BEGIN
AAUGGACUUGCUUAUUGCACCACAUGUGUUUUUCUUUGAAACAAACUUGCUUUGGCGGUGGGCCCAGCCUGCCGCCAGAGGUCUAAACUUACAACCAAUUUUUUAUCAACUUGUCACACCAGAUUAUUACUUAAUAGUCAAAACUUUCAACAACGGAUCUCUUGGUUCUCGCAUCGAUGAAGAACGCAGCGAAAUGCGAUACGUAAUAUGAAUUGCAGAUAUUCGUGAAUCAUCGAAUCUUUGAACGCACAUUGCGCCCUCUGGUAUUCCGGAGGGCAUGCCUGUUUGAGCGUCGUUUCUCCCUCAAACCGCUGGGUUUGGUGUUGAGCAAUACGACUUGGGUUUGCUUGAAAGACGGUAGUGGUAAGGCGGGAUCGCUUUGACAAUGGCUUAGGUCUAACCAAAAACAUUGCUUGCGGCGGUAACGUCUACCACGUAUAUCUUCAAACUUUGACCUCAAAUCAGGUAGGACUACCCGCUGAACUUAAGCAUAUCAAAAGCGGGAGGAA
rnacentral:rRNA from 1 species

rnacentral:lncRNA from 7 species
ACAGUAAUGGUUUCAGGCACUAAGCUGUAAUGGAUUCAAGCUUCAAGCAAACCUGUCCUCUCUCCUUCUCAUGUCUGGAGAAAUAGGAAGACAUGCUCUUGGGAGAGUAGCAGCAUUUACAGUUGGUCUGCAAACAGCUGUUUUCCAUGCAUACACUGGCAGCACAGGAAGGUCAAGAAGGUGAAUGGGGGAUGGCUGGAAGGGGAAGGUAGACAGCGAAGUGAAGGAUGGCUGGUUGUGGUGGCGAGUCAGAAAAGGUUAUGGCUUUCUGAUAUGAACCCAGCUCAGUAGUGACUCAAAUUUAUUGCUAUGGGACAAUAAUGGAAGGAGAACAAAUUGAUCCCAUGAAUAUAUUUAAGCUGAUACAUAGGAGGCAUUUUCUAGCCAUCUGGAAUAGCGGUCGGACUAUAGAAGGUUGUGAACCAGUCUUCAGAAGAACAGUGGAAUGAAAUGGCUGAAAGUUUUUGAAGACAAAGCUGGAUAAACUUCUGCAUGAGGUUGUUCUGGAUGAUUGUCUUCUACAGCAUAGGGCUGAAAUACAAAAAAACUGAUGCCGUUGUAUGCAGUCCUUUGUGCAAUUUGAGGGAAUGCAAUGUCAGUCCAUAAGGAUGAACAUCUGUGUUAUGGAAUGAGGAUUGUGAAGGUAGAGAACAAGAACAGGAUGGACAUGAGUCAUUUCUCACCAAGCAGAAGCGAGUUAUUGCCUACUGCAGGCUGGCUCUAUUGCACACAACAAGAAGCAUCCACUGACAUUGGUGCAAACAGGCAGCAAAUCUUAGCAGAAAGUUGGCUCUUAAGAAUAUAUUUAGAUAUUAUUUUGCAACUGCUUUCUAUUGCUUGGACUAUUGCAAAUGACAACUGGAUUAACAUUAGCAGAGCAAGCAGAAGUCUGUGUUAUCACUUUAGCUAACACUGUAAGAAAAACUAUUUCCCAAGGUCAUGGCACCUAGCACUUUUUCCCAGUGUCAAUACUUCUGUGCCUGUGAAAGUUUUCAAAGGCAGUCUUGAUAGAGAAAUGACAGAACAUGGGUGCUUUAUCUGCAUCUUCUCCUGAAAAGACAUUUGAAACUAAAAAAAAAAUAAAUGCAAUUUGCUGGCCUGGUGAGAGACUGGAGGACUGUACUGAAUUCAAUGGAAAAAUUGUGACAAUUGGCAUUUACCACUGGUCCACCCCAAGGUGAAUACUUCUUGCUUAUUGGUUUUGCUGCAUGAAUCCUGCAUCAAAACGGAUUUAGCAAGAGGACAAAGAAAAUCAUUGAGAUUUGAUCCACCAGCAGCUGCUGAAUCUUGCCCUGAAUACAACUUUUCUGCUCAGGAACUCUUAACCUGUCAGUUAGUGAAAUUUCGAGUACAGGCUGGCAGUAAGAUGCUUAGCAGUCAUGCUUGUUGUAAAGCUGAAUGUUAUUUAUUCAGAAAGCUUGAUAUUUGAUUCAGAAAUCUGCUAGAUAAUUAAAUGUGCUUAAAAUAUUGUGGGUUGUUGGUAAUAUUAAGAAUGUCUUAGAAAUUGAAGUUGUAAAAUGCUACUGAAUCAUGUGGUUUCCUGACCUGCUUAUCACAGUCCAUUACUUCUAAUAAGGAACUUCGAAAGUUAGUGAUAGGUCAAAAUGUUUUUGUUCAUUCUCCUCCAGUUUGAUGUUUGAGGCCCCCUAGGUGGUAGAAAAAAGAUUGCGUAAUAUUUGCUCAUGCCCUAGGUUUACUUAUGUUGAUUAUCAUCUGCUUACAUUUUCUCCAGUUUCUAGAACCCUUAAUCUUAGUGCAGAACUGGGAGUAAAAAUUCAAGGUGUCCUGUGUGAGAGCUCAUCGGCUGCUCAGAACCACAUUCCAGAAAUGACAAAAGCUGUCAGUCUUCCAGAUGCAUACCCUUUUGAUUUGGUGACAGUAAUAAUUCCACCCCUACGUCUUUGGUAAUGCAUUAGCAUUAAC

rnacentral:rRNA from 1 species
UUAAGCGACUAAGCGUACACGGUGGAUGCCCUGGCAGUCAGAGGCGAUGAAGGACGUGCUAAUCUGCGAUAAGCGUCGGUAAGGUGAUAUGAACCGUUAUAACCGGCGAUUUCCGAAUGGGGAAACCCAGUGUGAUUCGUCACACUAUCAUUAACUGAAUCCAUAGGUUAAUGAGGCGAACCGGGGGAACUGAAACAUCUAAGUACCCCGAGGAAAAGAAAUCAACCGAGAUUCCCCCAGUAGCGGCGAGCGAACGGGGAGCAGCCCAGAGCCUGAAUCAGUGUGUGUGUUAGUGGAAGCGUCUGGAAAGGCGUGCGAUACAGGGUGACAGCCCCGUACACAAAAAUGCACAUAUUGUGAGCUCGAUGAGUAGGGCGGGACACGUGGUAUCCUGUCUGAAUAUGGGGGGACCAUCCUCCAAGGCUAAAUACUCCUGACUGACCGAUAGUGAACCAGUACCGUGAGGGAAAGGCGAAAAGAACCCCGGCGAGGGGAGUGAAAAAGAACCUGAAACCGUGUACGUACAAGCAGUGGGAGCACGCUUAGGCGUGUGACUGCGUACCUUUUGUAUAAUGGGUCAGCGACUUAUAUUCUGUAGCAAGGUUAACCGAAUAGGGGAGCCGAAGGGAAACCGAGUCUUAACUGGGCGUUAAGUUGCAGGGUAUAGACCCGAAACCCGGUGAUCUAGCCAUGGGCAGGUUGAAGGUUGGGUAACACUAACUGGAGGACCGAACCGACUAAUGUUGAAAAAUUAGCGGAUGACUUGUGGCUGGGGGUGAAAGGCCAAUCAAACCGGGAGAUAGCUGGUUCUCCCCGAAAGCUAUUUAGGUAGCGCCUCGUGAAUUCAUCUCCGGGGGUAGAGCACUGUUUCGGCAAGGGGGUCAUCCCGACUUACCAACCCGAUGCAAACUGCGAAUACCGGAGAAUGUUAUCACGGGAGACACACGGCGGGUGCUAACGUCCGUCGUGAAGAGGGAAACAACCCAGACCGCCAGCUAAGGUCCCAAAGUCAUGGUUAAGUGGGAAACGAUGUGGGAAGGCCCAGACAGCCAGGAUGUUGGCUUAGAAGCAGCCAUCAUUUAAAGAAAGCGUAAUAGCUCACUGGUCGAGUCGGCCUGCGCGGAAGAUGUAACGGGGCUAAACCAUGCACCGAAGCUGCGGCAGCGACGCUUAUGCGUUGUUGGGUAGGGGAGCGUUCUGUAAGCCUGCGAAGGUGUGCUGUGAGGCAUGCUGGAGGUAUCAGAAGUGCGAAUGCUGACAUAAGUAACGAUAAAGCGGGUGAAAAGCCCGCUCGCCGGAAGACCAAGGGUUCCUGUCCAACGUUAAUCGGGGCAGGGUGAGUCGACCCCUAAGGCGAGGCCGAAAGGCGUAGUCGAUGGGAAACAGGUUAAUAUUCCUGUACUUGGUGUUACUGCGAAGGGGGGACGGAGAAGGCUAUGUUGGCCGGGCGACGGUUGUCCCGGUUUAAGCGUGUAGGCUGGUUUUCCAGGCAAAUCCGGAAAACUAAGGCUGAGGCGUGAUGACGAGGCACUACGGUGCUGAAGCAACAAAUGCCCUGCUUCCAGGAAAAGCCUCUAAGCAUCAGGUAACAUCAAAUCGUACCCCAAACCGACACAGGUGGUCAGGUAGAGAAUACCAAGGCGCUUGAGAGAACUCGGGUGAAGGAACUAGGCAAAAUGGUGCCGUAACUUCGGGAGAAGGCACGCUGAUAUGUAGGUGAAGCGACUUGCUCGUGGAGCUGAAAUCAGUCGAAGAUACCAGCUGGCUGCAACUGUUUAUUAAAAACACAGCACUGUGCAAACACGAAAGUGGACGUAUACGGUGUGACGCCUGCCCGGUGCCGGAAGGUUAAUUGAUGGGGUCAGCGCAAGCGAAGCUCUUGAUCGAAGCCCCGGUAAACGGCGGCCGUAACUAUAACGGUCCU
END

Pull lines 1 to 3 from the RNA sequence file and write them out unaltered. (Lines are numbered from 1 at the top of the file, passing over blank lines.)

AAUGGACUUGCUUAUUGCACCACAUGUGUUUUUCUUUGAAACAAACUUGCUUUGGCGGUGGGCCCAGCCUGCCGCCAGAGGUCUAAACUUACAACCAAUUUUUUAUCAACUUGUCACACCAGAUUAUUACUUAAUAGUCAAAACUUUCAACAACGGAUCUCUUGGUUCUCGCAUCGAUGAAGAACGCAGCGAAAUGCGAUACGUAAUAUGAAUUGCAGAUAUUCGUGAAUCAUCGAAUCUUUGAACGCACAUUGCGCCCUCUGGUAUUCCGGAGGGCAUGCCUGUUUGAGCGUCGUUUCUCCCUCAAACCGCUGGGUUUGGUGUUGAGCAAUACGACUUGGGUUUGCUUGAAAGACGGUAGUGGUAAGGCGGGAUCGCUUUGACAAUGGCUUAGGUCUAACCAAAAACAUUGCUUGCGGCGGUAACGUCUACCACGUAUAUCUUCAAACUUUGACCUCAAAUCAGGUAGGACUACCCGCUGAACUUAAGCAUAUCAAAAGCGGGAGGAA
rnacentral:rRNA from 1 species

rnacentral:lncRNA from 7 species